The Urban Edge zone, which can be raised out of the floodplain, will include athletic fields, such as basketball and tennis courts, and playgrounds all connected through a 5k multi-use trail. The route will be populated with picnic tables and refreshment vendors.
The new athletic spaces, which also includes 12 multi-sport, will be created through excavated soil from the wetlands. Along with repaved streets for vehicles, the Franklin 5k multi-use trail will be oriented toward walkers, runners and cyclists.
Along the proposed gateway, which will feature a new pedestrian plaza on the corner of Broad and Pattison, FDR Park’s historic Guardhouse is intended to be renovated as a welcome center.
“I think if they can hire staff people to take care of the trees and the trails, that would be fabulous,” said Lower Moyamensing resident Eve Miller, who often frequents the park. “Also, the welcome center sounds like a great idea and the fact that they’re doing the wetlands to contain the flooding, I think, is great.”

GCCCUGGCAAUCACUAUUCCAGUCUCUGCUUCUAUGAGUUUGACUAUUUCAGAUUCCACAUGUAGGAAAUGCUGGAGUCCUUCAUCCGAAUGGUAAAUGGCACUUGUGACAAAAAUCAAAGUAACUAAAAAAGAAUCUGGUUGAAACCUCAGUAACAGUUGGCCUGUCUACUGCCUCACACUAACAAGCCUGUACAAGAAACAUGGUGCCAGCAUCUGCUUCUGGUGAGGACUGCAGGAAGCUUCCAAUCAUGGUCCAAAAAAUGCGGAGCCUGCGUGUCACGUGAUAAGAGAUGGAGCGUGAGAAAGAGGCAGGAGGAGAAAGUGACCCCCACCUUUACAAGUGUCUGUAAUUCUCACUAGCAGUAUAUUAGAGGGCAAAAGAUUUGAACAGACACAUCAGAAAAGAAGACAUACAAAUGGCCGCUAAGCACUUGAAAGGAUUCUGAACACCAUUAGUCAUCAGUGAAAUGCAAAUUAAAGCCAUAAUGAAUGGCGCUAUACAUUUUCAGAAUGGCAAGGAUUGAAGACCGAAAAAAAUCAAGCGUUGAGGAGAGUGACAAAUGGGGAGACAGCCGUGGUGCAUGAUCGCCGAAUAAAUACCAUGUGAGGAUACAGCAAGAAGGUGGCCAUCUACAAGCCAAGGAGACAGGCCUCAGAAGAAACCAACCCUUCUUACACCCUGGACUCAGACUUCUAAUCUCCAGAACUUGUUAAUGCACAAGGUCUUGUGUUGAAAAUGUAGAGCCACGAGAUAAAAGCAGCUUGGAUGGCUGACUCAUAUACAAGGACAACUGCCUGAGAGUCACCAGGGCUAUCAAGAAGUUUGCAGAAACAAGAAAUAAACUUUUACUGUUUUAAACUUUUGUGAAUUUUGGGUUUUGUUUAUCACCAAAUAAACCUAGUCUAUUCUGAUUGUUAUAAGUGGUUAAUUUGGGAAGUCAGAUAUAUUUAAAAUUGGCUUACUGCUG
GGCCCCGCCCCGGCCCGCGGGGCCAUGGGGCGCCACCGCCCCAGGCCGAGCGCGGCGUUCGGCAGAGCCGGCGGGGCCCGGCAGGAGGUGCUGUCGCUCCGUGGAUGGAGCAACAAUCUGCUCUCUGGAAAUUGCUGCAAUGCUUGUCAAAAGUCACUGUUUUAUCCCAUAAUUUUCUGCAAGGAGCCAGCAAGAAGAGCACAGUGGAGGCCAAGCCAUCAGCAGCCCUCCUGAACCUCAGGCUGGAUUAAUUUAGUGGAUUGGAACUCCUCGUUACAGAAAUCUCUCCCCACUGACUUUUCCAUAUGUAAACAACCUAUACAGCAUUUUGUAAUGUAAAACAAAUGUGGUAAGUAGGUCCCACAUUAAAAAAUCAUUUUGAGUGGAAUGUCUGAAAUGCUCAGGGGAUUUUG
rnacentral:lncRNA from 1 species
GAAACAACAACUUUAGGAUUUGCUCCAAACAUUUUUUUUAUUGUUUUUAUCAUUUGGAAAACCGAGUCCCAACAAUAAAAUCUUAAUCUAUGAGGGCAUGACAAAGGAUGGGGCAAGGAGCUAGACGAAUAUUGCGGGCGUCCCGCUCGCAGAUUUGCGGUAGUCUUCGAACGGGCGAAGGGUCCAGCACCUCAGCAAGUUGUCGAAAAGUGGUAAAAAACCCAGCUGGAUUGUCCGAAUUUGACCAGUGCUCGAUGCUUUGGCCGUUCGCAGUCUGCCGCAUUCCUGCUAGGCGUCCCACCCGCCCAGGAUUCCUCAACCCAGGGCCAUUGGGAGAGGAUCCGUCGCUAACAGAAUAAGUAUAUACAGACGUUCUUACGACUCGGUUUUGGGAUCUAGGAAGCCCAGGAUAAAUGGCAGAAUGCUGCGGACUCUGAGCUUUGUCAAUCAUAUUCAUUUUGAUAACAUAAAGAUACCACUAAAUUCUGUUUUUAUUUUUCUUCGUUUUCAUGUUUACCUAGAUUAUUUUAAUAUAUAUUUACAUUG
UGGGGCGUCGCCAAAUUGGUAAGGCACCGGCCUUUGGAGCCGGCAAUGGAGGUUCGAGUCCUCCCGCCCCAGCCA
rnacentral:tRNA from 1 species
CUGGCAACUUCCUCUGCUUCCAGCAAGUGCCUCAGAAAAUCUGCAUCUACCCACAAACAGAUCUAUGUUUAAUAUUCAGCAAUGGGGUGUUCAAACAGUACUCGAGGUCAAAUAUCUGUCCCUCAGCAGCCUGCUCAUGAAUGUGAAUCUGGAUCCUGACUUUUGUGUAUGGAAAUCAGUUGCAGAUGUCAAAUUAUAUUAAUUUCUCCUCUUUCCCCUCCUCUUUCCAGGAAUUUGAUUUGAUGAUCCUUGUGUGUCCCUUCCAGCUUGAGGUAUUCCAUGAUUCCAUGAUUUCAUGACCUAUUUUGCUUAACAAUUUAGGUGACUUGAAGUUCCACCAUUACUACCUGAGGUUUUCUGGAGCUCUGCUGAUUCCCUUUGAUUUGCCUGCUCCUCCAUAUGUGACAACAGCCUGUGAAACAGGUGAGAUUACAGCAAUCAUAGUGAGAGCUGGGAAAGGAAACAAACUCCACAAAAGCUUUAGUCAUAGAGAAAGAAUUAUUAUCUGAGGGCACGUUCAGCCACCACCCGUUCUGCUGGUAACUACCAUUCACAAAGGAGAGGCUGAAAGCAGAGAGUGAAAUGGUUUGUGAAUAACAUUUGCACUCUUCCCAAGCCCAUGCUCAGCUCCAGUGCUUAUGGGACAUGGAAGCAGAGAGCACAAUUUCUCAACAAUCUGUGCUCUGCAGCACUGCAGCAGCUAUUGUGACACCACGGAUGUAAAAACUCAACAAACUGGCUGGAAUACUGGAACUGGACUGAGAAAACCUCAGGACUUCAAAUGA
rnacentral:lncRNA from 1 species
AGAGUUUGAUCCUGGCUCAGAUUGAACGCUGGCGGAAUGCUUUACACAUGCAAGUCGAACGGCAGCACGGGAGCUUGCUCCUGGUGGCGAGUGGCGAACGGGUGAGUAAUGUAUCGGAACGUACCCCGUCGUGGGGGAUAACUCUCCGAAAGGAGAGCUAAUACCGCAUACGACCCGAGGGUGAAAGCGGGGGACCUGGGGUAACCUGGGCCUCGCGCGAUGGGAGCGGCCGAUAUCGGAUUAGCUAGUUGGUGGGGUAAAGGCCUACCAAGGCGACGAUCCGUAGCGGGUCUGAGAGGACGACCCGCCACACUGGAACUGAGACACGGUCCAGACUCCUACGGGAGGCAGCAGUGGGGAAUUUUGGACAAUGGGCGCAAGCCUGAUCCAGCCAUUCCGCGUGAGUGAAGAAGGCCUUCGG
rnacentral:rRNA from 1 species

The implementation of the master plan is considered “flexible and functional.”
According to Parks and Recreation, funds are already being allocated to repave the park’s roads and restore the roof of the Guardhouse.
Looking ahead, the Fairmount Park Conservancy intends to collect funding from local, state and federal agencies, which will be coupled with contributions from philanthropic and corporate entities.
“When I think about the Friends, and just listening to Kathryn (Ott Lovell) talk about all of what happened here, the word that just keeps playing through my head and my mind is ‘team,’ ” said Todd Pride, president of the Friends of FDR Park. “As we walk away from the day, I’d like everybody to really think about the team effort of what this is, of what this took to get here and the team effort it’s going to take to move forward.”